Blog for Our Austin Injury Lawyer

What Should You Know About Fatal Occupational Injuries?

Posted on October 29, 2014 by Allison & Ward

The Bureau of Labor Statistics (BLS) released a preliminary report on fatal work-related injuries for 2013. This information will be helpful in making industries safer for workers. Below, the BLS provides some of the key findings for worker fatalities in the U.S. for 2013: There were 4,405 fatal work injuries, which is lower than the 4,628 fatalities that were recorded in 2012. 3,929 fatal injuries occurred in private industry. Hispanics or Latinos saw a 7 percent increase in worker deaths (797 deaths). 734 deaths involved contractors, which is 17 percent of the total number of fatalities. There are only five deaths of workers under the age of 16. Work-related suicides increased by 8 percent. One out of every six fatalities was due to workplace violence. Self-employed workers accounted for 892 deaths. What Type of Incidents Led to Worker Deaths in 2013?  The BLS broke down the type of incidents that…
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How Many Passenger Vehicle Wrecks Involve Fatalities?

Posted on October 27, 2014 by Allison & Ward

Unfortunately, a fatal accident that occurred near the Travis-Burnet County line reveals how common it is to see passenger vehicle deaths. According to KXAN, a man driving a Saturn collided head on with a Dodge Ram truck. The driver of the Saturn was pronounced dead, and the driver of the Ram was sent to the hospital where he is expected to make a recovery. What Is a Passenger Vehicle? The National Highway Traffic Safety Administration (NHTSA) classifies a passenger vehicle as a vehicle weighing less than 10,000 pounds. This category consists of cars and light trucks (pickup trucks, vans, SUVs, etc). Passenger vehicles make up 90 percent of all registered vehicles on the roads in the United States. Below is more data on this vehicle category for 2012: Over 96 percent of police reported traffic crashes involved passenger vehicles. Of the 45,586 vehicle deaths in 2012, 35,346 involved passenger vehicles,…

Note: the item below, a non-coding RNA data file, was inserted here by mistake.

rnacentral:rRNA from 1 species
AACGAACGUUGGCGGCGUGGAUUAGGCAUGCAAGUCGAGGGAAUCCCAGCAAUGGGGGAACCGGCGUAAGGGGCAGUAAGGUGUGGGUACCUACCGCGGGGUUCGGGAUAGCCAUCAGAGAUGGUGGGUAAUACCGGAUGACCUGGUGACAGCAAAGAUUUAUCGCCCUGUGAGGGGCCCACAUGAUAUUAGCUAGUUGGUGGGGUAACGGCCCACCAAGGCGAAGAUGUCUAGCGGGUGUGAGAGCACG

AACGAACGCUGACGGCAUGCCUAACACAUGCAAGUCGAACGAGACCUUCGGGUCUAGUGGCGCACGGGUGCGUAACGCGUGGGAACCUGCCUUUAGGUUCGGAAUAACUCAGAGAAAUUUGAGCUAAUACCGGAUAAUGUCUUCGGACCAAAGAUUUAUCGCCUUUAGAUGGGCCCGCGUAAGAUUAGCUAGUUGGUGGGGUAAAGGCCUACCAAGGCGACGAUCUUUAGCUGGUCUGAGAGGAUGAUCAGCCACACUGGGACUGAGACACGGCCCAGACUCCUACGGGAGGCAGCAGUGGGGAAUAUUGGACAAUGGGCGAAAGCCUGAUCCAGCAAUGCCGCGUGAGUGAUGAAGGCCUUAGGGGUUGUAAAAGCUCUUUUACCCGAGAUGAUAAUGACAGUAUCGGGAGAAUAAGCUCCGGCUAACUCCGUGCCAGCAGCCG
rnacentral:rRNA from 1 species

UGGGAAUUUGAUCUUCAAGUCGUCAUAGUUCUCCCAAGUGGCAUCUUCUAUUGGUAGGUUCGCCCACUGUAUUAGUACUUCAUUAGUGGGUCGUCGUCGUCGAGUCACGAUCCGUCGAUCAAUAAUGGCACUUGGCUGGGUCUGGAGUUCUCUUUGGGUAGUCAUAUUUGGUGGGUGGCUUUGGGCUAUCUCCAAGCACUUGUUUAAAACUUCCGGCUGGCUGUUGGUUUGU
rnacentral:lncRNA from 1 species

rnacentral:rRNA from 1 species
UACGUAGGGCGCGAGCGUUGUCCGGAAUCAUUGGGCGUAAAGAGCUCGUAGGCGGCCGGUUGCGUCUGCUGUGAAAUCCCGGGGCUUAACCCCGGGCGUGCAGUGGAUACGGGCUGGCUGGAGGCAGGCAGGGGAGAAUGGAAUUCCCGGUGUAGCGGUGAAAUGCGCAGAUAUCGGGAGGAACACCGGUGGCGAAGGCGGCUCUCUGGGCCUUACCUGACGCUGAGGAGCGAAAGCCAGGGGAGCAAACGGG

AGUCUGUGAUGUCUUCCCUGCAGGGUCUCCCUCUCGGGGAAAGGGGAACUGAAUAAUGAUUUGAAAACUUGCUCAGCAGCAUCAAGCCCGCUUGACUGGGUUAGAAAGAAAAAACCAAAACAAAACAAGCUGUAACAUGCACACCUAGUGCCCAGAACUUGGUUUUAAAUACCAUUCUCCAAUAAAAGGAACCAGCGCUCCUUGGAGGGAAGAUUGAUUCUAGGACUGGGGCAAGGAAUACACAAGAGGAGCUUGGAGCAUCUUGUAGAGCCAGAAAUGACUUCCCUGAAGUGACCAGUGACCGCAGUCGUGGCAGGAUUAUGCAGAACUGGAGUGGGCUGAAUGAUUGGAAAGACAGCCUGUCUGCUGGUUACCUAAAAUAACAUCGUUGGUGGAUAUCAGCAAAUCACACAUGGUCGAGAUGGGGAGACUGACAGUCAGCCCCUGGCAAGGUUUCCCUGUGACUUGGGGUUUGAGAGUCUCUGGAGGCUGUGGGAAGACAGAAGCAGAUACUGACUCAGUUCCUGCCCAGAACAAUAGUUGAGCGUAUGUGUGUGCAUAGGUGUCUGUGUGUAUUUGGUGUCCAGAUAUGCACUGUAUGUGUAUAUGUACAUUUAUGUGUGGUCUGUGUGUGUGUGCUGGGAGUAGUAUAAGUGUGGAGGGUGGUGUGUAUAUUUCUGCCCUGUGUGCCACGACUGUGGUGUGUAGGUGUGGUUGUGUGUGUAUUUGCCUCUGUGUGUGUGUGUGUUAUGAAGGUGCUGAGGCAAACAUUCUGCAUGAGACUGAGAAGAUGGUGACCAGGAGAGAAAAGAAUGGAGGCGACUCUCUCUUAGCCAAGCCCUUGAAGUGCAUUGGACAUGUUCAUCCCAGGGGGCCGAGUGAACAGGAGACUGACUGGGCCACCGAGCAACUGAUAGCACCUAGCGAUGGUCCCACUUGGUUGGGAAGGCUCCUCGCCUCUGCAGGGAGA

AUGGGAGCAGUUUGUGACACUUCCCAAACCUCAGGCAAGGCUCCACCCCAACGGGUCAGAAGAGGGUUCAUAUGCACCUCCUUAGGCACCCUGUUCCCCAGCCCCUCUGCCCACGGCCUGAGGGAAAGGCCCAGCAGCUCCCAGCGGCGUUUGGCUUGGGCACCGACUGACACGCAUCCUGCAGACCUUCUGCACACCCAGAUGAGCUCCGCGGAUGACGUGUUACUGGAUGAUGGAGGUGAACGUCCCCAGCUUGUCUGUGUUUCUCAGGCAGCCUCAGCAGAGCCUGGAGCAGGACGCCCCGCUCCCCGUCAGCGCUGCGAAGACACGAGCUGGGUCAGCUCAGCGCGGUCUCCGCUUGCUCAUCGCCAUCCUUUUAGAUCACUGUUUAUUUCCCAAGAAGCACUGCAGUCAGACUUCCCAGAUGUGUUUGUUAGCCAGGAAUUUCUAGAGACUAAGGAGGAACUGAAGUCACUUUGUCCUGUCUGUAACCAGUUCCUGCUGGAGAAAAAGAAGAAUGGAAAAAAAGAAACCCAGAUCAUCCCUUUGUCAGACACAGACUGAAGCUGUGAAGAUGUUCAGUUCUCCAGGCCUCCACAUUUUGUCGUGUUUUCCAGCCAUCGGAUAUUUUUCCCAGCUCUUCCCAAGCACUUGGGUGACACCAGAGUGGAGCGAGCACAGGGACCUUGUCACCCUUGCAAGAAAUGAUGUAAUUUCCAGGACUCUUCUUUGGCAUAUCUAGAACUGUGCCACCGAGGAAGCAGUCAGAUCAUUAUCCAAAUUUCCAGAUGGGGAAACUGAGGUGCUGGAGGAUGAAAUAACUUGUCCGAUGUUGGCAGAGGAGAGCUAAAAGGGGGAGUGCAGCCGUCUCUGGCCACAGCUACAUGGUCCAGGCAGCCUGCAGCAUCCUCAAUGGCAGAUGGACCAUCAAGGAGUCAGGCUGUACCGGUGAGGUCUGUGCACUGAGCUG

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How Can Semis Become Safer?

Posted on October 24, 2014 by Allison & Ward

News of comedian Tracy Morgan’s horrific crash with an 18-wheeler has raised concerns of truck safety. Sadly, truck crashes have increased by 18 percent between 2009 and 2012. However, many companies are developing technology to help prevent truck accidents. How Much Do These Safety Technologies Cost? There are many proposals to mandate these safety technologies, but the Federal Motor Carrier Safety Administration (FMCSA) has been slow to approve them. Dozens of these life-saving innovations would cost just $500 to $2,500 to install on a rig. Is Truck Driver Fatigue a Problem? In an interview with Businessweek, Rob Molloy, the deputy director of the National Transportation Safety Board (NTSB) said, “Over and over, we’re seeing drivers who aren’t fit to drive because they’re fatigued (and) involved in accidents.” Although there are safety technologies that help prevent fatigued driving, people believe the trucking industry will not adopt them until they are required…
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